Tuesday, March 17, 2009

Do you know? Mandatory unpaid time off may affect salaried employees’ exemptions

Do you know? Many companies are turning to mandatory work furloughs or reduced work schedules as creative ways to save wages without having to lay off employees. These programs are designed to control the number of hours worked by employees and the resulting amount of wages paid. When applied to salaried exempt employees, however, in increments of other than a full week, furloughs and reduced work schedules can jeopardize exemptions under the Fair Labor Standards Act.

The FLSA provides an exemption from the minimum wage and overtime requirements for any employee employed in a bona fide executive, administrative or professional capacity. To qualify as exempt, most executive, administrative, and professional employees must, among other factors, be paid on a salary basis. Generally, an exempt employee must receive his or her full salary for any week in which the employee performs any work, without regard to the number of days or hours worked. In no event can an employer take any deductions from an exempt employee’s salary for full or partial day absences occasioned by lack of work. Thus, if an employer schedules an exempt employee for less than 40 hours in a week, the employee must still be paid a full week’s salary, or risk placing the employee’s exemption in jeopardy.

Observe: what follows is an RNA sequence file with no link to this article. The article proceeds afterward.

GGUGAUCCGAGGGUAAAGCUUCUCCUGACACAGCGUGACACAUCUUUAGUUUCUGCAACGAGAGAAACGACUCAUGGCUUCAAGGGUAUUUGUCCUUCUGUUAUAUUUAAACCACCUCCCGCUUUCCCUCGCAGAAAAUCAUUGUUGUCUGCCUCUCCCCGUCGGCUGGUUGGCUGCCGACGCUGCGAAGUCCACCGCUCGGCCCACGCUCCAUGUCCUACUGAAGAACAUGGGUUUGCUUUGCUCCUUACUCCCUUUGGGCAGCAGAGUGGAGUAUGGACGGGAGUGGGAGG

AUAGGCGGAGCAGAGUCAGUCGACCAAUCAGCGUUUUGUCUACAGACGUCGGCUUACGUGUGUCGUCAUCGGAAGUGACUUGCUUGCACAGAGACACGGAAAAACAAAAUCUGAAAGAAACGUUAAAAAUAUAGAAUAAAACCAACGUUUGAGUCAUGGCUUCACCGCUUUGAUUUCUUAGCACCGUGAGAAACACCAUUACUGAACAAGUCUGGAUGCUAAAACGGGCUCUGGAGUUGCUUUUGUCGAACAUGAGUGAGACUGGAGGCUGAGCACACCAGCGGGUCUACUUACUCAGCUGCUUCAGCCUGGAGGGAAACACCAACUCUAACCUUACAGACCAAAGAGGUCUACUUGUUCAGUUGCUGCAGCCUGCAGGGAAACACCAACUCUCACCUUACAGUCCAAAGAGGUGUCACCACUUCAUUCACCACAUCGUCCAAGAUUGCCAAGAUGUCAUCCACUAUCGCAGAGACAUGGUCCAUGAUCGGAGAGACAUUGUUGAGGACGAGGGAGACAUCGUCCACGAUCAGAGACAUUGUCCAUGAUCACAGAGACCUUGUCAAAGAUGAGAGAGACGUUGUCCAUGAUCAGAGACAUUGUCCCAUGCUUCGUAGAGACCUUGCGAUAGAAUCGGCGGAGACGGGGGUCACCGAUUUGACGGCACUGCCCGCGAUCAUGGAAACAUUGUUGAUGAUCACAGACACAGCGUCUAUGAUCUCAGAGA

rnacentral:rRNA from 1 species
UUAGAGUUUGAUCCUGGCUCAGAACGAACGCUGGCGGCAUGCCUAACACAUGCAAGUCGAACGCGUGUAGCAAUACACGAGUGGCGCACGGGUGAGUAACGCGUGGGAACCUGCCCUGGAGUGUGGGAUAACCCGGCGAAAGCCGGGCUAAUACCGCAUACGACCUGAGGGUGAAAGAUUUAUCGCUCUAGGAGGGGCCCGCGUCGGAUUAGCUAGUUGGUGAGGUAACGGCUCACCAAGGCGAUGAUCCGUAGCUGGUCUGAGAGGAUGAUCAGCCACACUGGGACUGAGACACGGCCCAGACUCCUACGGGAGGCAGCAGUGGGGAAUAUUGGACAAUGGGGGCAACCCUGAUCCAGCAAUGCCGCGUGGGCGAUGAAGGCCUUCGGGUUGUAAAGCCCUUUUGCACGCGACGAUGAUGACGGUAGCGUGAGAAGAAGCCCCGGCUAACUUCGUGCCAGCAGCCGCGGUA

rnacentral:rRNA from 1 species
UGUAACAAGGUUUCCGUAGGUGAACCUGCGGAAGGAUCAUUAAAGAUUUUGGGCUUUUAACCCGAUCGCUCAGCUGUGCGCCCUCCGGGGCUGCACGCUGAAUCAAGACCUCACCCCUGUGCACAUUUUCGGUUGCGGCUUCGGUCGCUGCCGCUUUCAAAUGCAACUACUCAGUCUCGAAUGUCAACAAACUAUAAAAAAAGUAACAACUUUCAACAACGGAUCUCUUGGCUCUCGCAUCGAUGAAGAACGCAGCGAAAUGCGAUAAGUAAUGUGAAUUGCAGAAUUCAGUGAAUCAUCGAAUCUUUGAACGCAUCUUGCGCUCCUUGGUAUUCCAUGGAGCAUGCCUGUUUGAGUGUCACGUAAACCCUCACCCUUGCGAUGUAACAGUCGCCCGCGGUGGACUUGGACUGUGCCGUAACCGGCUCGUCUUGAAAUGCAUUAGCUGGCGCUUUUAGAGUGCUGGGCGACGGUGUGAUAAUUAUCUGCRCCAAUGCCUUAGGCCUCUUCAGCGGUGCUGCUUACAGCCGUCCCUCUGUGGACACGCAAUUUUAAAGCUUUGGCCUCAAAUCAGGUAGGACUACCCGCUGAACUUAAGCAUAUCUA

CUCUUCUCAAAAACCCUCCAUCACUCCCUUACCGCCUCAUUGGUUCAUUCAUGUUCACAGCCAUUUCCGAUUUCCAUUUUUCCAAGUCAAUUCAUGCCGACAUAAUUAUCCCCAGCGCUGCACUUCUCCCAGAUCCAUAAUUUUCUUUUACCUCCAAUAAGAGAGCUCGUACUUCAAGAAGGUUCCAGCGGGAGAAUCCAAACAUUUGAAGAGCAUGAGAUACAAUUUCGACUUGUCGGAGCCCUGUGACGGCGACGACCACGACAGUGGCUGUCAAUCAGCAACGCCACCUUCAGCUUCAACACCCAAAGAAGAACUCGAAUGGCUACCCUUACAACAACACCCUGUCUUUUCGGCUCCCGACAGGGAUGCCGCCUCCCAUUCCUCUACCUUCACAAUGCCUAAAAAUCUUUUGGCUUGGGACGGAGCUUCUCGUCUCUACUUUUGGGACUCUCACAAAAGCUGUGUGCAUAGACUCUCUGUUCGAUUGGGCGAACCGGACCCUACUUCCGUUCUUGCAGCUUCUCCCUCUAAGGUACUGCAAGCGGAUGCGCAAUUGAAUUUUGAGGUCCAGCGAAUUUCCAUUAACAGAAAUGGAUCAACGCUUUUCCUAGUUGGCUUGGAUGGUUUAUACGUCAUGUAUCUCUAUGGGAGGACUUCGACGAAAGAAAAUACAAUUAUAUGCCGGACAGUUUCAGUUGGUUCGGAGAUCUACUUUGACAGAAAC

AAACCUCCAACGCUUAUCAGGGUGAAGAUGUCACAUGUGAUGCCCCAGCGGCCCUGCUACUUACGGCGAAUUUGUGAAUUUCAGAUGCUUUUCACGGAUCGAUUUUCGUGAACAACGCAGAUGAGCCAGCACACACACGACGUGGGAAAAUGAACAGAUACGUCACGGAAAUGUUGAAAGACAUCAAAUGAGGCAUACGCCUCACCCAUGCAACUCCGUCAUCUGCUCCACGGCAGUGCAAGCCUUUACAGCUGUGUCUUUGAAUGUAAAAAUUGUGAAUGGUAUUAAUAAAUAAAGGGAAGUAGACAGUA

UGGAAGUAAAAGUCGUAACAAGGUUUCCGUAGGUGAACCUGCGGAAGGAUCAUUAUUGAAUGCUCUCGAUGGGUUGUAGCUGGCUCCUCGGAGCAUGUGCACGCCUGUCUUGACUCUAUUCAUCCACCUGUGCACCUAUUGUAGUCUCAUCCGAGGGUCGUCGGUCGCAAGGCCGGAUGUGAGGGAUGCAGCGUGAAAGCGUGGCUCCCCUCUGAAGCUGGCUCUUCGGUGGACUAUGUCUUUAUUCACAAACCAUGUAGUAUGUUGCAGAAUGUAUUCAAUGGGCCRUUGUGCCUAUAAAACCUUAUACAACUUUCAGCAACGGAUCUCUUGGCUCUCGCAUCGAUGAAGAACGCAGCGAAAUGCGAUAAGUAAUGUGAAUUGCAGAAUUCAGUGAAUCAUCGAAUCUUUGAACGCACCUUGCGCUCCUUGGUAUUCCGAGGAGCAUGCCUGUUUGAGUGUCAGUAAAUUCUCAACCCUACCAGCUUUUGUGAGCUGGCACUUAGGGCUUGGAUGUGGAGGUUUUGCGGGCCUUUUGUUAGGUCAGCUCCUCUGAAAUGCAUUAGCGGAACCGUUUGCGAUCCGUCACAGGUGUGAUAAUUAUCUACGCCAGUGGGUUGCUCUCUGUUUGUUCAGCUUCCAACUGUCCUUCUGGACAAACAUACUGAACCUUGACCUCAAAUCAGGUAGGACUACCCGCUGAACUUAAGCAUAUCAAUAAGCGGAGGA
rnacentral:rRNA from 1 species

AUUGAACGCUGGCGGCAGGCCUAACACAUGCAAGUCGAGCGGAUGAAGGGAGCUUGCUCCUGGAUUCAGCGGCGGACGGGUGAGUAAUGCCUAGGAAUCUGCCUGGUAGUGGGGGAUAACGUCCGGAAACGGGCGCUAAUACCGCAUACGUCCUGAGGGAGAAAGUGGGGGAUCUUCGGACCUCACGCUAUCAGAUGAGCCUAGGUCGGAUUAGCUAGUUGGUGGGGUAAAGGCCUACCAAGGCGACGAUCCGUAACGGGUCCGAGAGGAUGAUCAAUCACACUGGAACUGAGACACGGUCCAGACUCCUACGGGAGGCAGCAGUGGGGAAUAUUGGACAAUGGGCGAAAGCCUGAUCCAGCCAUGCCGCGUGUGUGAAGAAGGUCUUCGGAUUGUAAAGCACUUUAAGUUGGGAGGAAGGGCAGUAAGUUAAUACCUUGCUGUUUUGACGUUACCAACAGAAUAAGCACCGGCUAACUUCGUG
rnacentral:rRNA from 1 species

Reduced work schedules and furloughs, while very much in vogue, raise a host of complex legal issues. This post only discusses one such issue. If your business is considering implementing such an idea, contact your employment counsel to ensure that your plan complies with all wage and hour, discrimination, and other labor and employment laws.

Presented by Kohrman Jackson & Krantz, with offices in Cleveland and Columbus.

For more information, contact Jon Hyman, a partner in our Labor & Employment group, at (216) 736-7226 or jth@kjk.com.